“You must be so lucky to be at home with your baby! You can breastfeed all the time and not have to worry about pumping.”Yes, it is lovely to be home with the baby all the time. But it doesn’t make it easier to get work done. Babies become attached to their moms. They are squirmy and delicious but distracting. A breastfeeding session of 15 minutes can easily become 15 minutes, plus a diaper change, plus an anxiety-inducing separation period when I tear her away from me again. Plus, I’ve found that it’s way more awkward to be on video calls with a wriggly baby than to simply pump. The short story is -- there’s no easy answer here. It’s all just different types of accommodation.
“Pumping milk only takes 15 minutes. Even if you do that during the workday, you can jump right back in without too much distraction.” You’re right. The task itself is basic and doesn’t take all that long. The problem is what else it introduces. A trip to the kitchen to get your pump parts makes you notice that the dishwasher hasn’t been emptied. On the way back you hear your baby crying upstairs and go up to check on her. And, worst of all, even if you do happen to have found yourself in a rare, midday Deep Work zone, you have to interrupt yourself to gather your baby (or breast pump) to keep yourself on schedule. Deep Work isn’t Deep Work if you’re getting interrupted. Period. All this to say, four months into this delicate dance, it strikes me that is yet another handicap for working moms -- when we come back after maternity leave, we not only need to re-acclimate ourselves to the business, but create an entire new set of professional habits and workflows. And iterate on them in real time while also learning how to keep a new creature alive. That’s a pretty big deal.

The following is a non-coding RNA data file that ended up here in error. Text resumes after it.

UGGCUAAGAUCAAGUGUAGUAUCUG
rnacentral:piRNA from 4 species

Life Hacks for Other New MomsI certainly won’t pretend to have all the answers here, but I’ve got a few do’s and don’ts that I’ve learned along the way.
Cut yourself a break. I wrote this to myself on October 15 of this year: “As I wear a mask in my own home, pumping breast milk from the bathroom to avoid the contractor who’s baby-proofing our living room, I hastily chew on a piece of string cheese — my only lunch — while checking my Slack messages from two different companies where I’ve elected to work simultaneously. I wonder, is this what it means to have it all? Am I doing it?” At the end of the day, something has to give. In 2020, I set my New Year’s mantra as, “Lead with Compassion.” And while this year has been For me, it meant saying no to any other creative side projects I’d had going on, and giving myself the grace to do so. As anyone with a baby knows, it’s all just a phase.